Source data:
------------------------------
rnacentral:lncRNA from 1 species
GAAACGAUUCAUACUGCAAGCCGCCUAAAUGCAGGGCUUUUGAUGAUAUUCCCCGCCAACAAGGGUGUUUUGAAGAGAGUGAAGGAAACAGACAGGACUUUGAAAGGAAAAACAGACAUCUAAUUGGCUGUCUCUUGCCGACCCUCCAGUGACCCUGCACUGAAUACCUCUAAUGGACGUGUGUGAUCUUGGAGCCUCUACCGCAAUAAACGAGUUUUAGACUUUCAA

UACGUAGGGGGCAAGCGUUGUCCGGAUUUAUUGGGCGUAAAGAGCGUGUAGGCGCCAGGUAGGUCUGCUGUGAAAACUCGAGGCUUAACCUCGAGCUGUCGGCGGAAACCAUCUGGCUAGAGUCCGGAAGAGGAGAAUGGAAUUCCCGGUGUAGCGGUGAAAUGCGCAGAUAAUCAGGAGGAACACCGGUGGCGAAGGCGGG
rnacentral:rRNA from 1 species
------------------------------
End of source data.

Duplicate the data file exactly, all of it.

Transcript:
rnacentral:lncRNA from 1 species
GAAACGAUUCAUACUGCAAGCCGCCUAAAUGCAGGGCUUUUGAUGAUAUUCCCCGCCAACAAGGGUGUUUUGAAGAGAGUGAAGGAAACAGACAGGACUUUGAAAGGAAAAACAGACAUCUAAUUGGCUGUCUCUUGCCGACCCUCCAGUGACCCUGCACUGAAUACCUCUAAUGGACGUGUGUGAUCUUGGAGCCUCUACCGCAAUAAACGAGUUUUAGACUUUCAA

UACGUAGGGGGCAAGCGUUGUCCGGAUUUAUUGGGCGUAAAGAGCGUGUAGGCGCCAGGUAGGUCUGCUGUGAAAACUCGAGGCUUAACCUCGAGCUGUCGGCGGAAACCAUCUGGCUAGAGUCCGGAAGAGGAGAAUGGAAUUCCCGGUGUAGCGGUGAAAUGCGCAGAUAAUCAGGAGGAACACCGGUGGCGAAGGCGGG
rnacentral:rRNA from 1 species